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On the eve of his multi-venue tour in London, Prince held a news conference Tuesday – in the living room of British singer Lianne La Havas, whom he met when she performed in the States.
With about a dozen people in the room, he talked about his love of tea, something he shares with La Havas.
OK, to the important stuff, courtesy of the Associated Press.
On why he recently sued fans whose Facebook pages were selling bootlegs
"Nobody sues fans. It's just a poor way to phrase it. A bootlegger is a bootlegger, a scalper is a scalper. They know what time it is. Just sharing music with each other — that's cool. It's the selling that becomes the problem."
On whether he’ll play England’s famous Glastonbury Festival in June
"I can't think of the festival now."
On how he feels about this summer’s 30th anniversary of his hit movie and soundtrack, “Purple Rain”
"I don't look back”
Heather Johnson, being fitted last summer for Mill City Opera's "The Barber of Seville."/photo by Courtney Perry.
Heather Johnson, who grew up in White Bear Lake, just got some nice props for her performance as Lizzie Borden in Boston Lyric Opera's production. Johnson was back in the Twin Cities last summer for Mill City Opera's "The Barber of Seville" and mentioned that she would be taking on the title role in the world premiere chamber version of the 1965 opera.
Writing in the February Opera News, critic Kalen Ratzlaff didn't have much good to say about the concept and staging from director Christopher Alden. "Cheap laughs" and "depictions of sophmorically 'edgy' sexual behavior," Ratzlaff wrote. However, the critic waxed on about the singers. "If only one could have lifted them up lock, stock and barrel and dropped them into a production worthy of their gifts."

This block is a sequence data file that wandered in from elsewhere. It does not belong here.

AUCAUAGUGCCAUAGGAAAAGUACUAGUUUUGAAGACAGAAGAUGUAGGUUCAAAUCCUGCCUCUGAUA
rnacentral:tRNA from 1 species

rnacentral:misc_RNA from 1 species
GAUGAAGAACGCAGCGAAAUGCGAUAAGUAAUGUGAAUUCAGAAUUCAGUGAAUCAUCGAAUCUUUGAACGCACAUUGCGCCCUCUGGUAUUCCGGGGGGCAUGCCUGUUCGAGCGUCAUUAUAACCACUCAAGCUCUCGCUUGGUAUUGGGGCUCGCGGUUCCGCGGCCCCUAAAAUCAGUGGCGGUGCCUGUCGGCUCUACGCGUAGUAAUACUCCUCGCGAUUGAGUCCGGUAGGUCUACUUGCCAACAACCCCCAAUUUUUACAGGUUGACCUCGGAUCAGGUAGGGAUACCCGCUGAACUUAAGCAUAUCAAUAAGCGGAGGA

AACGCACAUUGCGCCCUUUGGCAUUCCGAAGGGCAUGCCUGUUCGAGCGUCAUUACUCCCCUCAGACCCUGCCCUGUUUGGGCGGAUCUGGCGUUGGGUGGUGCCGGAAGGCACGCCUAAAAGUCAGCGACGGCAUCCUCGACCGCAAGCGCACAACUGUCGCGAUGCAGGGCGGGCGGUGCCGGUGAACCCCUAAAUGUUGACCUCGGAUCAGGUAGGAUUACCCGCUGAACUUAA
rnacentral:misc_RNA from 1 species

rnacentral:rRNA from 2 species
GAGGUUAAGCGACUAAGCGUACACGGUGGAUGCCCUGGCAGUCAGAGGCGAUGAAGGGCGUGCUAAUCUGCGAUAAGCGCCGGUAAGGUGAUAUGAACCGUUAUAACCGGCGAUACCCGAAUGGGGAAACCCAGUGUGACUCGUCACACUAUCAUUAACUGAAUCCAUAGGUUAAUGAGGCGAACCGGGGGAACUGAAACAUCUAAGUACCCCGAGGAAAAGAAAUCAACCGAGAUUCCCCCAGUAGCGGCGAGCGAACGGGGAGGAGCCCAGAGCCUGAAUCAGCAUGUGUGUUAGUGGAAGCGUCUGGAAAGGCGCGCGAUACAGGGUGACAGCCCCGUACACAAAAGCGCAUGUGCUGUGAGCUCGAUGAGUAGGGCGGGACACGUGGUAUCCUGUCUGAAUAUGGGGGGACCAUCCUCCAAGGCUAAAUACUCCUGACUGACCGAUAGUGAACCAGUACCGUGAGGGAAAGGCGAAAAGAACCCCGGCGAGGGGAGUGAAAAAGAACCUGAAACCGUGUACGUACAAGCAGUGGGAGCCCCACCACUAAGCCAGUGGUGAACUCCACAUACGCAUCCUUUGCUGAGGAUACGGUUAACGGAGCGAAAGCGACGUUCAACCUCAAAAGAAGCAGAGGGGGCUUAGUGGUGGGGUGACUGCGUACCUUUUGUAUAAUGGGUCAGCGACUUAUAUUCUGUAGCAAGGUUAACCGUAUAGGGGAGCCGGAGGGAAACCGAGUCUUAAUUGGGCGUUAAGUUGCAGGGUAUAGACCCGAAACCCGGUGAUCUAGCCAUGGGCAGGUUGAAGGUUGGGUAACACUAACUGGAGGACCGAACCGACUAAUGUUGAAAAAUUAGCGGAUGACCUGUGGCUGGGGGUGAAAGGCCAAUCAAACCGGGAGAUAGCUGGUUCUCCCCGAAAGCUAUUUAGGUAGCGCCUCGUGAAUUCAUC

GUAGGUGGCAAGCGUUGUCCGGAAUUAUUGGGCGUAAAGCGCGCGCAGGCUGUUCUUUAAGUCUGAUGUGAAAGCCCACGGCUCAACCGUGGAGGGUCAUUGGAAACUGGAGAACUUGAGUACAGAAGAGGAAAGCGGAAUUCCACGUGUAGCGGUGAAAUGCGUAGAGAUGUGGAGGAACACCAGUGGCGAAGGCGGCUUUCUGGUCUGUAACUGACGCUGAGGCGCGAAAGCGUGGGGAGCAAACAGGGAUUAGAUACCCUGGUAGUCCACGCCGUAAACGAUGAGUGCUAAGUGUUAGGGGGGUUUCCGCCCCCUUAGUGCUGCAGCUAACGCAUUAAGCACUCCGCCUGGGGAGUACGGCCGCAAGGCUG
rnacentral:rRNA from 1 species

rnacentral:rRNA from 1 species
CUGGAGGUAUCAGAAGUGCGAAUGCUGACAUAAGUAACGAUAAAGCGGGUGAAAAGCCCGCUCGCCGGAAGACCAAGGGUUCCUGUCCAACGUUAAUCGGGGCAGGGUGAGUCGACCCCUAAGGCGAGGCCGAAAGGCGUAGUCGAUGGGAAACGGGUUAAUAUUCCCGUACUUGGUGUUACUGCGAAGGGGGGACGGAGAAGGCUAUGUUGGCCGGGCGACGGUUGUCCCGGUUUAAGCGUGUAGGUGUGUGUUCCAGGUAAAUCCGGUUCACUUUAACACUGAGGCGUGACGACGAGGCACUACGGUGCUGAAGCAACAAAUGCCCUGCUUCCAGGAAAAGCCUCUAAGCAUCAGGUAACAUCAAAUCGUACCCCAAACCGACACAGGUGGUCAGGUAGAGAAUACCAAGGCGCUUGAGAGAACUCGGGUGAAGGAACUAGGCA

"In the title role, mezzo-soprano Heather Johnson was fearless, channeling a seething fury worthy of Electra and singing with dramatic focus, power and control."
Johnson sang at Roseville High School and then studied with Dan Dressen at St. Olaf. She has lived in New York for 14 years. Next up, according to her web site is a short engagement of "La Cenerentola" at Intermountain Opera, in May.
POST BY CAROLINE PALMER, SPECIAL TO THE STAR TRIBUNE
Childhood dreams can come true. Just ask Alexa Maxwell. While growing up in Minnetonka she wore out a VHS tape of New York City Ballet’s “The Nutcracker,” determined that someday she would dance with the world-class troupe. Last week the 19-year-old signed a contract to join the NYCB corps de ballet.
But dreams do differ from reality. Maxwell wasn’t just handed this big gig. It’s the result of years filled with body-busting effort and personal sacrifice. After studying locally at small dance schools as well as Minnesota Dance Theatre she left home at age 14 to join the prestigious Central Pennsylvania Youth Ballet where she worked on her skills intensively and graduated from high school through online courses.